Add a cup of coffee and we might never leave.

SNEWS Merchandising Editor Robin Enright

is the founder of Merchandising Matters,

which provides merchandising support to brands, retailers and their agencies.

Reach her via email at

with questions, ideas and suggestions.




Merchandising Tour: It’s a material world

The difference between an effective display and one that’s ho-hum depends greatly on the materials used. When you spot something that stops you for a moment, sparks your interest and entertains, you’ll undoubtedly know the difference. Whether you were a veteran or a first-timer more


All aboard for Winter Market Merchandising Tours!

It’s hard to believe, but in just a few short weeks the outdoor community once again will gather at the Salt Palace for Outdoor Retailer Winter Market. At OR, innovation is a guarantee in product manufacturing, booth design and visual merchandising. Every show has at least one more


Merchandising Madness: Meeting the challenge of merchandising accessories

Every store has a category that is difficult to merchandise and quite often accessories are the culprit. Socks, water bottles, CO2 cartridges and first aid kits all can present challenges in clean merchandising and clarity of messaging. This column is the first in a series on more


Merchandising Tour: Setting the story scene

Wall fixtures, props, mannequins, signage and product packaging are more than a mere backdrop to fantastic merchandise in any retail market. Each of these items should reflect brand messaging, or one risks a confusing consumer experience. Think of choosing fixtures as setting a more


Merchandising Tour: Conveying an environmental message

Giving back is a positive trend in business, but such goodwill must be authentic to resonate with today’s savvy consumers. Two-year-old United by Blue has an environmental focus on improving our waterways, but the company also designs and manufactures merchandise that stands on more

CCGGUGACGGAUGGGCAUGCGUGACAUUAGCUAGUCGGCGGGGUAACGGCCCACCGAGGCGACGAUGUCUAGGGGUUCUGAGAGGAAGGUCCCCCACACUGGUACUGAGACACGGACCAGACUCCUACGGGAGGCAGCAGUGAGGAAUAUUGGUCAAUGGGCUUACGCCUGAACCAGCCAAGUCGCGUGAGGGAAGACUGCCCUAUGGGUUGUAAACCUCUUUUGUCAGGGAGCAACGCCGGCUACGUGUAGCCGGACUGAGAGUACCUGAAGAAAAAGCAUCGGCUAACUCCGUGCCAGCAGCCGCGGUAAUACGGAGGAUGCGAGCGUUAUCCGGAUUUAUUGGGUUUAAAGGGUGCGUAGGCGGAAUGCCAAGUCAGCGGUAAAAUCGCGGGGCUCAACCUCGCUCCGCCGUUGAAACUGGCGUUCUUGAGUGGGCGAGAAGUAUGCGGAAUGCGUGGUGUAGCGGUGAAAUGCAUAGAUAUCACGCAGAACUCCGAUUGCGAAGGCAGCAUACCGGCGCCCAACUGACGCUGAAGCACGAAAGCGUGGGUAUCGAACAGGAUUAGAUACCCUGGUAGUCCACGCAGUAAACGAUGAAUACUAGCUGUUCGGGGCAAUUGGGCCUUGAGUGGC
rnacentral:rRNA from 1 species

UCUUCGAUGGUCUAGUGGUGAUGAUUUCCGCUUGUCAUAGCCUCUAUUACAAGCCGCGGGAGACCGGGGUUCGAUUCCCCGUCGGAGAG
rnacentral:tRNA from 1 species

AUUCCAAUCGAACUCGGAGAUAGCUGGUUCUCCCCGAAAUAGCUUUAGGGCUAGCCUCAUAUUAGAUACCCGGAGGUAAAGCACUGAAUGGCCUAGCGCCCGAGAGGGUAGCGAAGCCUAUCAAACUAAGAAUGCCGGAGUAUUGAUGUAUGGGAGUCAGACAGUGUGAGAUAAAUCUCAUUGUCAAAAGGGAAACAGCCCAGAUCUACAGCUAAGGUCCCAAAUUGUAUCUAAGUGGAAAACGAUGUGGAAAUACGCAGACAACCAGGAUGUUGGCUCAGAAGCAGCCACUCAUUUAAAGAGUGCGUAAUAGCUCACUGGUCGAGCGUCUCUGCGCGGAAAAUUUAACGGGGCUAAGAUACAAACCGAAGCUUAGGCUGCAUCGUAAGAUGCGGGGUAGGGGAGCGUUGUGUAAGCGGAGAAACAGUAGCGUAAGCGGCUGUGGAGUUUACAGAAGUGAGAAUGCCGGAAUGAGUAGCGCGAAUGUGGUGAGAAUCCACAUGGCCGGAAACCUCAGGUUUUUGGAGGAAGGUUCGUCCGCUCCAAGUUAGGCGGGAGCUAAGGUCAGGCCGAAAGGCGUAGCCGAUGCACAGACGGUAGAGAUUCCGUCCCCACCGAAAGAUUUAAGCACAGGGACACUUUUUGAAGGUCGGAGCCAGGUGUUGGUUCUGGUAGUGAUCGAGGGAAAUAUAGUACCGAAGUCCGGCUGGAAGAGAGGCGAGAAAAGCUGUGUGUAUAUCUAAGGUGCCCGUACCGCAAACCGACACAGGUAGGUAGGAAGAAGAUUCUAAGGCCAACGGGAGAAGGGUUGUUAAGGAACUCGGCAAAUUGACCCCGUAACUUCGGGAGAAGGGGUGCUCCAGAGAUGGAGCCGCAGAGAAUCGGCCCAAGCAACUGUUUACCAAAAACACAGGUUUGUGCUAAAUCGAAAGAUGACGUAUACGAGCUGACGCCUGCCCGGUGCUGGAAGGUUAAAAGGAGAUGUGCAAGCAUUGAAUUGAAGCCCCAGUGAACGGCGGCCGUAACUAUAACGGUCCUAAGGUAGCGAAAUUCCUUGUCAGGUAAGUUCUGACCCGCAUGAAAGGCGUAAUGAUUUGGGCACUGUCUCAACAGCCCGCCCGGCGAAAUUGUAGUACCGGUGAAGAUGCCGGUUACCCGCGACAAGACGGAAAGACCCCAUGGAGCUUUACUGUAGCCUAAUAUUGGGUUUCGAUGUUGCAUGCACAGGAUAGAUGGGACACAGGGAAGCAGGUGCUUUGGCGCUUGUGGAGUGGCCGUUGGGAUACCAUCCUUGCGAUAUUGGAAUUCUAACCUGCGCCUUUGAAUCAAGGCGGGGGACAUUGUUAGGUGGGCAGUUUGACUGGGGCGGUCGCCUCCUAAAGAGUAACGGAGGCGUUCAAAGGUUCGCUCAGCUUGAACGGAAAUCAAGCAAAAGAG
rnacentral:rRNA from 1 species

Merchandising Tour: Store environment that invites smiles

Moosejaw could never be accused of taking itself too seriously — except when it comes to gear, of course. In fact, we’re guessing that it would be impossible to hang out in the retail environment without smiling. Boulder, Colo. now has a brick-and-mortar Moosejaw, and from more


The Lizard Lounge Way: Spring merchandising -- out with the old, in with the new

Welcome to the The Lizard Lounge Way, a regular merchandising column in SNEWS®. Each month, the Lizard Lounge team -- Kelsie Morrow, store manager and a Portland Art Institute professor of merchandising, Shelby Coral, head men's visual merchandiser, and Jolie Giese, the chief more


Merchandising Tour: Natural environmental display ideas from Winter Market

A trade show is a gold mine of visual display ideas. Exhibitors spend numerous hours and many dollars planning how to display the products they sell. After all, it is a competitive market and they often have only the trade show experience to make an impression on potential and more


Surprise me: Safety is the new risk in visual merchandising

All too often today, the surprise in merchandising is that there are no surprises. Your windows might feature mannequins wearing the latest gear and flashing bright color, but the same is true of the retailer next door or down the street. So while I’d give you an “A” for color more